CCAP generates a score for each element of the five categories and in some fashion (which is a mystery to me) generates a total score. As stated above, they do weight the value of the scores but it's not clear to me if (or how) they normalize or scale the scores such that they can be meaningfully combined. I do know that in the tabular summary for each category, CCAP provides information for each school by its rank order. Is the total score based upon a school's rank within each sub-category? I hope not! But, I can't say it's obvious to me how the final score is determined.

I wrote to CCAP (they provide an address on their website) seeking more information on the actual scores for each school. I received a timely reply that stated, "Unfortunately, we are contractually obligated not to make the raw RMP scores publicly available." Fair enough; if Forbes paid for this work to be done, they can do with it as they wish. But, I do not believe it's a good idea to keep the data private for the schools, their professors, students and alumni, for Forbes or for CCAP.

Here's a simple anecdote of explanation: I ran into a similar situation reviewing wages for teachers in several districts where I live. One local union was upset that their wages were ranked among some of the lowest in the county while all measures of success (test scores, enrollment and much more) were ranked at or near the top. It is not difficult to see why such a situation could turn into a major issue with placards and protests! Alas, pay rates are not a complete measure of compensation (medical benefits, retirement, days worked, etc.) and even if they were, the variations in pay rates were not egregiously different. Sure, if I'm making $500 less than someone else doing the same job, I do care and I would want the situation rectified; I do get that point. But, for union leaders to fan the flames with incomplete statements about pay scale rankings does more harm than good.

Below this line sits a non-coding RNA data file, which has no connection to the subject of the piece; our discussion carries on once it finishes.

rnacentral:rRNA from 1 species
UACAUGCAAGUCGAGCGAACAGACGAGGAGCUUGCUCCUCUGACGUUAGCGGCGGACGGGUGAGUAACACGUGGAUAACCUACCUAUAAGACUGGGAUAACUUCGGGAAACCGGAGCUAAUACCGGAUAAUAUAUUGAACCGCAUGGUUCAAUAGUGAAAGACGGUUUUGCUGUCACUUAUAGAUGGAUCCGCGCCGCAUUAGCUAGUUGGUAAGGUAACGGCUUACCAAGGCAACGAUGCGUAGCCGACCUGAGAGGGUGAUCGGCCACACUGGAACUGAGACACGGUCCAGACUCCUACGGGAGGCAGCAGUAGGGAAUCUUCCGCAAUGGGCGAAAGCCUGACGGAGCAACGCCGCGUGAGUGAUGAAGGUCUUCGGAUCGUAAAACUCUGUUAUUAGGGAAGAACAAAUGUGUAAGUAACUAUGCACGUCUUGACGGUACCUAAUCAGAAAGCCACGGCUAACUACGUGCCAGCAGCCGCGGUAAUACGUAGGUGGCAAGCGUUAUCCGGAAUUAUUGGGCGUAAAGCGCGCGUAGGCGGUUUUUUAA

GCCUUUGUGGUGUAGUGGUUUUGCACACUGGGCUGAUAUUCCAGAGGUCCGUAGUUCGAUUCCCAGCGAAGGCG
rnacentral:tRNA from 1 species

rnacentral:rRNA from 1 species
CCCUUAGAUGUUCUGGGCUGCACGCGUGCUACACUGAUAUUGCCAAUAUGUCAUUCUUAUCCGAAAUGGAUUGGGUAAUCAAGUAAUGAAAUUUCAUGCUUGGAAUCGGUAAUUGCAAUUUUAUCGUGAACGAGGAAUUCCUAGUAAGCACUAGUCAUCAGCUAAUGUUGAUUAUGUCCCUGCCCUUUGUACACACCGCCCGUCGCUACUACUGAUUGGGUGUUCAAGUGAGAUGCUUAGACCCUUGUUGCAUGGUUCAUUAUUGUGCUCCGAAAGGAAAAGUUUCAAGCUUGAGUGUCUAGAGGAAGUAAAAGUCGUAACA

So, I ask CCAP, again: What are the actual scores, particularly the RMP scores, for these colleges? How significantly do these scores vary by category? Are the top ranked colleges really that much better than those at the bottom by your quantitative measures? It simply is not sufficient for a magazine of Forbes' stature and readership or for CCAP to present information in a manner that cannot be substantiated.

Bottom Line: Their results are of interest. For now, however, they are doing more harm than good.

4 comments; last comment on 05/15/2013